"I was like, 'What! How do you even know me?" says Lovato, rising partly out of her chair, tossing up her hands in disbelief and bursting into laughter.
"But yeah," the actress adds quietly, regaining her composure. "It was like, 'This is the coolest thing ever.'"
As the star of the latest Disney Channel original movie "Camp Rock" — which the Mouse House hopes will be its next "High School Musical" — it's a scene Lovato might have to get used to.
"I'm getting kind of anxious, and a little nervous, because there was a picture I saw the other day of Ashley and Vanessa," she says of "High School Musical" stars Ashley Tisdale and Vanessa Anne Hudgens. "They were at a McDonald's and there was paparazzi all over the place.
"I'm excited, though. For the most part," she concludes.
Only time will tell whether the Disney Channel can capture lightning in a bottle twice in the same decade. Disney is clearly banking on it, however, rolling out buzz about the movie on the Internet for months, offering various "Camp Rock" tchotchkes and casting as co-stars the mega-hot pop group the Jonas Brothers. (It airs June 20 at 8 p.m. EDT.)
"People are expecting it to be the next 'High School Musical.' That would be an honor if it is," says 14-year-old Alyson Stoner, who plays budding music producer Caitlyn Geller.
In the film, Lovato plays Mitchie Torres, a musical prodigy who can't afford to attend a prestigious music camp filled with snooty rich kids until her mother gets her a break on the tuition by landing them both jobs in the kitchen.
Once there, she's befriended by miscreant rock star Shane Gray, played by 18-year-old Joe Jonas. She's also hounded by the rich girls, particularly after she's outed as a kitchen worker, until one of them (17-year-old Anna Maria Perez de Tagle) comes over to her side.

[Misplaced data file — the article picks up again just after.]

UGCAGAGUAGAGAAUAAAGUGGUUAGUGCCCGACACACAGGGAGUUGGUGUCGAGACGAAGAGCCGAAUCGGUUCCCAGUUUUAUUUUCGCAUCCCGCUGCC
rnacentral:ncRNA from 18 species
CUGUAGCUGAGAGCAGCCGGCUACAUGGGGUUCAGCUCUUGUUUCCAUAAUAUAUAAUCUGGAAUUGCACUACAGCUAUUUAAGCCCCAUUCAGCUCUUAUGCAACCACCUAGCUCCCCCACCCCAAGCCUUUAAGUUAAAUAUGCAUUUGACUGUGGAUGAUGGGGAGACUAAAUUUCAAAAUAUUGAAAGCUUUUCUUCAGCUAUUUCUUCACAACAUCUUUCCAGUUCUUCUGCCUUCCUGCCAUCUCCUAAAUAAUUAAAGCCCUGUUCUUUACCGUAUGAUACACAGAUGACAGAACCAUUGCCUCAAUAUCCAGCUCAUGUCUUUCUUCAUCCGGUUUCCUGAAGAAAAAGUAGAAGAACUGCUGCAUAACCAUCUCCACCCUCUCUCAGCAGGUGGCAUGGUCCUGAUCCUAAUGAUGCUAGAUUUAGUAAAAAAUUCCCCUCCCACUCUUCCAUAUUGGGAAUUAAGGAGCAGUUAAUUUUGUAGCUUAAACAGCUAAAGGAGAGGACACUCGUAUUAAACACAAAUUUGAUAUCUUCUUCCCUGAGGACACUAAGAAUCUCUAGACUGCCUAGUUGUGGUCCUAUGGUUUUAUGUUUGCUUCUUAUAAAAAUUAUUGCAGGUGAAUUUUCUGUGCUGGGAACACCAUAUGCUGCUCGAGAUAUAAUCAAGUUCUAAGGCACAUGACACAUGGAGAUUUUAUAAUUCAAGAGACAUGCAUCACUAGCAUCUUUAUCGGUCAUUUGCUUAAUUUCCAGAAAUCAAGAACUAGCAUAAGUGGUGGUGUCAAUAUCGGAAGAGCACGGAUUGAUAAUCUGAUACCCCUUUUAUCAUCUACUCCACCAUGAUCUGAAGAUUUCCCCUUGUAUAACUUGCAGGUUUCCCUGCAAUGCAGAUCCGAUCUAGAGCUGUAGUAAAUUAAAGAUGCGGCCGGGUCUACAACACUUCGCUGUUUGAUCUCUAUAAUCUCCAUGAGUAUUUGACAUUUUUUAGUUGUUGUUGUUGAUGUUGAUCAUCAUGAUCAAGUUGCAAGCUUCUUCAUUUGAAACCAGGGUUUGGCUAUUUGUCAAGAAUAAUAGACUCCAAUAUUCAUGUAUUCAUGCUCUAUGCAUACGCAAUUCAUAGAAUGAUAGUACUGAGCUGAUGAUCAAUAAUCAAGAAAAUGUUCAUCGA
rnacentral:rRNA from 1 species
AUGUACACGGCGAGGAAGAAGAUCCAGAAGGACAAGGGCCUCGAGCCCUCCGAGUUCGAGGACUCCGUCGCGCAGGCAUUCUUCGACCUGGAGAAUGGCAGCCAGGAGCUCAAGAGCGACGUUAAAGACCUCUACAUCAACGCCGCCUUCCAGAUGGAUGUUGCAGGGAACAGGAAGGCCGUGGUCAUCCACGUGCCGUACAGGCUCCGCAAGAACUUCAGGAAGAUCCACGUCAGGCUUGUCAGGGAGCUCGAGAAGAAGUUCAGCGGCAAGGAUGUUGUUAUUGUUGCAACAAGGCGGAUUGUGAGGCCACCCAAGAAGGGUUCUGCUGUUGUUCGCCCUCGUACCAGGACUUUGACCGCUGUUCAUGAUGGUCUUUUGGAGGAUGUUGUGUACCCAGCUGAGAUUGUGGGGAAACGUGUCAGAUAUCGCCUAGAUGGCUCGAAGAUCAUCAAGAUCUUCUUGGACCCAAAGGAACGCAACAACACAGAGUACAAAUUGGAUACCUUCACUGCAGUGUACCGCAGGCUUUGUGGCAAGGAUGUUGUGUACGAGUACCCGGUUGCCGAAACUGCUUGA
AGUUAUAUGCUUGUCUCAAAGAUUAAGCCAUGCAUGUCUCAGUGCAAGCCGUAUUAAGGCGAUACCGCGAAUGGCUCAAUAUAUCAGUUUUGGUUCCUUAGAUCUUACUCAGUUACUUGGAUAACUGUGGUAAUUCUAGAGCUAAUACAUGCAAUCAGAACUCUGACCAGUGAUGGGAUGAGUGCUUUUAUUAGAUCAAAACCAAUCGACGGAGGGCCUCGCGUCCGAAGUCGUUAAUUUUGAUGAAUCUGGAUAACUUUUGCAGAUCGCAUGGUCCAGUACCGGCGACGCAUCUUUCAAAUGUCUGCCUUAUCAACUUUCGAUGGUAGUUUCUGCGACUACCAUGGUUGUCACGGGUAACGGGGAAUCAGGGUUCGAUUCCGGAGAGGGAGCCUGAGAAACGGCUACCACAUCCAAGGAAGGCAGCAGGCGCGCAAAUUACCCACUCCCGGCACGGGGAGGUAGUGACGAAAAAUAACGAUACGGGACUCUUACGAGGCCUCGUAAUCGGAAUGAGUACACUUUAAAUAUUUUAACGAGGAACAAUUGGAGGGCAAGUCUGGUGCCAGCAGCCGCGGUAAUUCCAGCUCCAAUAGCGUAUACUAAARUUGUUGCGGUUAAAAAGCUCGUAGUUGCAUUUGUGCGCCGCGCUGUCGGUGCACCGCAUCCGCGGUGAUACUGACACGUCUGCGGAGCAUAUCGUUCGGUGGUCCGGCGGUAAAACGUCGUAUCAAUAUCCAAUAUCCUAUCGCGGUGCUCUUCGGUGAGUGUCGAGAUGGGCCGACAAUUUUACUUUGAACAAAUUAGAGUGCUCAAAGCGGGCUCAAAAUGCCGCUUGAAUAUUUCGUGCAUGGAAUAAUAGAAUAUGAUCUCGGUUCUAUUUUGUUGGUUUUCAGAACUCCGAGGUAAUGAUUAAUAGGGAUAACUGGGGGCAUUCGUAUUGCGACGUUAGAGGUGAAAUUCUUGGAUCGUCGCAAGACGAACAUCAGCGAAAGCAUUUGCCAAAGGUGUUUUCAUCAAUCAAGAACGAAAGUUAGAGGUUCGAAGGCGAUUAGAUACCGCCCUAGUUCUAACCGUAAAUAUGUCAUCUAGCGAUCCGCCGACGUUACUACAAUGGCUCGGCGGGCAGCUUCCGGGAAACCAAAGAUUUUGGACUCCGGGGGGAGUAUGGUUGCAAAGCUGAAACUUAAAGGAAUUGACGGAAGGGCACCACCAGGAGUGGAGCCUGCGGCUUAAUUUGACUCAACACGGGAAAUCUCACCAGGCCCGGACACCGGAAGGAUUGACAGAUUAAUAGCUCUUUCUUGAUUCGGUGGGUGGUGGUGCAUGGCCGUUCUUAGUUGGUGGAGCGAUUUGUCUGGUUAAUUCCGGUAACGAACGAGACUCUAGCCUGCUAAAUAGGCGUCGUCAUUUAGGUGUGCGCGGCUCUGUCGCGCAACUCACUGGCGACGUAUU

Then, in the time-honored tradition of kid musicals dating to the days of Mickey Rooney and Judy Garland, they bring everybody together for a show at which the irrepressible Lovato says happily, "I get to rock the house."
Indeed she does, say the Jonas Brothers.
"She's a great singer. We're writing with her for her new record," 15-year-old Nick Jonas says by phone from Florida, where he was recently on tour with the band.
"And we'll be introducing her on our 'Burning Up' tour this summer," pipes up his 20-year-old brother, Kevin.
As was the case when the first "High School Musical" film debuted in 2006, most of its teen stars, although unknown to mainstream audiences, already have followings among the demographic of 8- to 13-year-olds.
Lovato developed a cult following as one of the stars of "As the Bell Rings," the five-minute mini-show Disney uses to fill breaks between its regular programming. Stoner, who appeared in both of the "Cheaper by the Dozen" films, voices Phineas' precocious girlfriend in the Disney cartoon series "Phineas and Ferb." Perez de Tagle, whose grandmother is prominent Philippine singer-actress Sylvia La Torre, plays the tone-deaf singer, Ashley DeWitt, on the Disney series "Hannah Montana."
"And I'm an actual singer!" she says emphatically.
"Being able to finally sing good on 'Camp Rock' is ... " she adds before dissolving into laughter during a recent interview at a Hollywood studio.
There, the actresses have scattered laptop computers, cell phones, schoolbooks and stuffed animals across tables as they rush off to pose for pictures between bites of lunch.
They say they became friends years before their current project, having bumped into one another at auditions and acting classes.
"I met Demi on a show called 'Just Jordan,'" says Perez de Tagle. "Ever since then we kept in touch. She visited me on the set of 'Hannah Montana' and we switched phone numbers. And then, all of a sudden, we were like, 'We're going to be on "Camp Rock"!'"
The three say the friendships made filming the movie easier.
Even when they had to dance all day long for days on end, they had each other for support, says Lovato.
And even when the movie's producers took them to a remote location in Canada, "where there was no Internet or phone service and there were bears," they still had one another, Stoner adds.